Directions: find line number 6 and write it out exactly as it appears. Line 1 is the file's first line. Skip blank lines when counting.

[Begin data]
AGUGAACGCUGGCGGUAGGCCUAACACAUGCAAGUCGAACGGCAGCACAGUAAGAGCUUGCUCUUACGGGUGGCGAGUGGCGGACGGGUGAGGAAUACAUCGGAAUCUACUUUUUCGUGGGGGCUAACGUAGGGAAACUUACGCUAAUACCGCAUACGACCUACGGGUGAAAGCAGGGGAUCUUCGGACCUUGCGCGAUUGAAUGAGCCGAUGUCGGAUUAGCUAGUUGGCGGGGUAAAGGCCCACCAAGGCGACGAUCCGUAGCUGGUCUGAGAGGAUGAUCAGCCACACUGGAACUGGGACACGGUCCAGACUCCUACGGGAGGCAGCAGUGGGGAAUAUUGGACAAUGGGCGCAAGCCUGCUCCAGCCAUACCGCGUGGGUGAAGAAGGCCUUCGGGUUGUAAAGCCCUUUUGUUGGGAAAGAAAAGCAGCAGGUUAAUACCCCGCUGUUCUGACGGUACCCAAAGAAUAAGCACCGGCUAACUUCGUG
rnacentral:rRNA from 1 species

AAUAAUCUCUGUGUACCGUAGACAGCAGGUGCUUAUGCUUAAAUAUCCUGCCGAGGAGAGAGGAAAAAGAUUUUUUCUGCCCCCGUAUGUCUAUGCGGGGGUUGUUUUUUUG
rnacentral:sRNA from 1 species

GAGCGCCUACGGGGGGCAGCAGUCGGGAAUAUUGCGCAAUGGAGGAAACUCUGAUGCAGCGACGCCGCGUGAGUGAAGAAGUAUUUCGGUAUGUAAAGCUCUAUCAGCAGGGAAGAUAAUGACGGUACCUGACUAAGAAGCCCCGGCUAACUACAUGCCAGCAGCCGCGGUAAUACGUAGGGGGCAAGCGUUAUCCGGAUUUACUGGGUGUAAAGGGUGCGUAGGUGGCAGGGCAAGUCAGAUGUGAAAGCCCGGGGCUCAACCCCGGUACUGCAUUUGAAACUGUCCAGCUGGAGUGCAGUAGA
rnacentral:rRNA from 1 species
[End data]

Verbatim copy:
rnacentral:rRNA from 1 species